UChicago’s panelist was third-year Max Freedman, who is involved in the Student Government Election and Rules Committee, the Institute of Politics, and UChicago College Republicans.

Obama asked Freedman how he connects with campus Democrats and whether he feels that it is difficult for him to voice his opinion as a Republican on a mostly liberal college campus.

Freedman explained that, for the most part, he values his role as a Republican on campus.

“Being a Republican on a college campus is in and of itself a sort of honor,” he said. “Because you know most people don’t agree with you and when you engage in the dorms and in the dining halls…you’re forced to know yourself well and to do soul-searching well and to understand why it is you think what you think and what parts of your past impact what you believe now and might believe tomorrow.”

Freedman was not sure why he was chosen as a panelist, but said that the event staff were concerned that he would decline because he is a Republican. “I think that’s a silly reason not to do it,” he said. “Everybody was on that panel because they brought something different.”

Neither Obama nor the panelists mentioned President Donald Trump during the panel. Freedman told The Maroon in an interview following the event that students were not specifically instructed to withhold Trump’s name, but that panelists understood that references to the current political state were not in the spirit of the event.

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Obama shook hands with panelists and then with members of the audience following the event.

Maroon Staff / The Chicago Maroon

“They just wanted us to be ourselves out there and I think it’s clear that President Obama was not going to say anything about the current administration,” he said. “The point was not getting digs at the current administration or anything else, it was about getting young people involved in the process.”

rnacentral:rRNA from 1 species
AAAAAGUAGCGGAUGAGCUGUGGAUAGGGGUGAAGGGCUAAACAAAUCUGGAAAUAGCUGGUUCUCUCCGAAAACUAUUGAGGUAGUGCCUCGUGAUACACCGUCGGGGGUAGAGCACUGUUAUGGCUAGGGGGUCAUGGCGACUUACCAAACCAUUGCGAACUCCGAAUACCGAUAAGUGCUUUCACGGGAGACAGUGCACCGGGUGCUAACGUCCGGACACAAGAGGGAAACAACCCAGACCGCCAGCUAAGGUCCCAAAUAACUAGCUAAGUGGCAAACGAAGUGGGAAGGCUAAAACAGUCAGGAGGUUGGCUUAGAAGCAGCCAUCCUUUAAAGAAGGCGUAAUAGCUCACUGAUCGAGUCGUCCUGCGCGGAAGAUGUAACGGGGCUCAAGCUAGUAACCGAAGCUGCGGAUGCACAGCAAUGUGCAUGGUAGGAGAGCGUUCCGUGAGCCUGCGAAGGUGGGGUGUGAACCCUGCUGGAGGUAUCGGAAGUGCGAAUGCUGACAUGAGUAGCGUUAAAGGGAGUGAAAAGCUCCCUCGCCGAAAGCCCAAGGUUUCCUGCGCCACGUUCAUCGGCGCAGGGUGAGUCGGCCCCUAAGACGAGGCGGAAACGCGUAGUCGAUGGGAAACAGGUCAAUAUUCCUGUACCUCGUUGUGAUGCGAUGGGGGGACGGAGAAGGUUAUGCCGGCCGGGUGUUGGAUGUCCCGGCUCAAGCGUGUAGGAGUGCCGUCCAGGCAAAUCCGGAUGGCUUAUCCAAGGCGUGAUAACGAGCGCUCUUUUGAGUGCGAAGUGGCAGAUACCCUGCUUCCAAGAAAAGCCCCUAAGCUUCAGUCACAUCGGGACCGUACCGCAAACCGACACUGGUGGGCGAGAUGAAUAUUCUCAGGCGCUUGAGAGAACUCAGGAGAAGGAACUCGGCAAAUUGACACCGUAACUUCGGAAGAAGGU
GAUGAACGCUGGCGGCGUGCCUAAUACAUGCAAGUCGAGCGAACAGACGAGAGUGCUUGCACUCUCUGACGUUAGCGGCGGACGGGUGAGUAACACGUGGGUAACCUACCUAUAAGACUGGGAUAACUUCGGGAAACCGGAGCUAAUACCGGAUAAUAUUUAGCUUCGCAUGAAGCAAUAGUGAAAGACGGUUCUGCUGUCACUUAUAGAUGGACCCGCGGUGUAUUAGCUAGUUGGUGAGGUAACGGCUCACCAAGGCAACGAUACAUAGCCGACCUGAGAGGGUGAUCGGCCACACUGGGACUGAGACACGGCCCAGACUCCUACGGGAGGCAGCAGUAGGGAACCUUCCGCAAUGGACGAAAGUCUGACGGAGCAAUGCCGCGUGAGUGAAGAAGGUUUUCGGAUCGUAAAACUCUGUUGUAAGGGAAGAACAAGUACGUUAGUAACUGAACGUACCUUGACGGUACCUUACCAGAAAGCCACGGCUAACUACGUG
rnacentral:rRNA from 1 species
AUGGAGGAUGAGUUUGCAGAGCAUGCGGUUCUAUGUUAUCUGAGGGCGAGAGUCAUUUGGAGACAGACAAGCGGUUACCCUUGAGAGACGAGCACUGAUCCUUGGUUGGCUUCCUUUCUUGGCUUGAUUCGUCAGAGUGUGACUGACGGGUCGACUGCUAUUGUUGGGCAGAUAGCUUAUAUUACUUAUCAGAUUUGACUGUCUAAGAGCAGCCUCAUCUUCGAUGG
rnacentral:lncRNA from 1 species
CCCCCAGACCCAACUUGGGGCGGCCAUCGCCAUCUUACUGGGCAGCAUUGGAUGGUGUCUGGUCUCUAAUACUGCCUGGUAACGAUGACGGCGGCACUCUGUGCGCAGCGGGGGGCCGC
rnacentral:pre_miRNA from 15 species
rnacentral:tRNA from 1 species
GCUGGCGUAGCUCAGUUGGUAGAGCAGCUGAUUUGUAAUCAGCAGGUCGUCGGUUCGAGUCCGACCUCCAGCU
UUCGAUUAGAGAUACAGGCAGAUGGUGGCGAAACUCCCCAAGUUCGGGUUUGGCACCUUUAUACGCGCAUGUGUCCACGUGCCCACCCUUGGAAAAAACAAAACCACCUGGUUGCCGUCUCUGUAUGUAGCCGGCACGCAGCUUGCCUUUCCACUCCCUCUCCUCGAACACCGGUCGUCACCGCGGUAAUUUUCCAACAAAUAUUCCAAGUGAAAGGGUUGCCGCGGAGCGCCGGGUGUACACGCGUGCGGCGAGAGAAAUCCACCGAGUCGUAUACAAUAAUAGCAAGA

Multiple panelists highlighted the importance of direct interaction between youth and their politicians. Panelist Tiffany Brown, who graduated from Hyde Park's Kenwood Academy High School and at the top of her class from Chicago State University for both her undergraduate and graduate degrees, told Obama that he had made a lasting first impression on her years ago when he was an up-and-comer on the political scene and she was still in high school.

“Is this another story about how old I am?” Obama joked. Brown went on to recall how Obama and other local politicians had an event downtown where the Kenwood Academy concert choir was performing. She spotted Obama in the crowd.

“I tapped you and said ‘Hi, Mr. Obama, can I please take a picture with you?’ And you said no. I was like, ‘What’s going on? They say on TV that they care about people and then in person they don’t want to talk to me.’ But then you said, ‘No, not until you tell me your name first.’”

“That did help me want to get involved too,” Brown explained as the audience laughed. “I did feel that you cared about someone, a little black girl from Chicago like me.”

Before offering a round of handshakes to those in the front row and departing the Logan Center, Obama concluded the panel with the hopefulness that has become his trademark.

“I have to say, there’s a reason I’m always optimistic, even when things look like they’re sometimes not going the way I want,” he said. “And that’s because of young people like this.”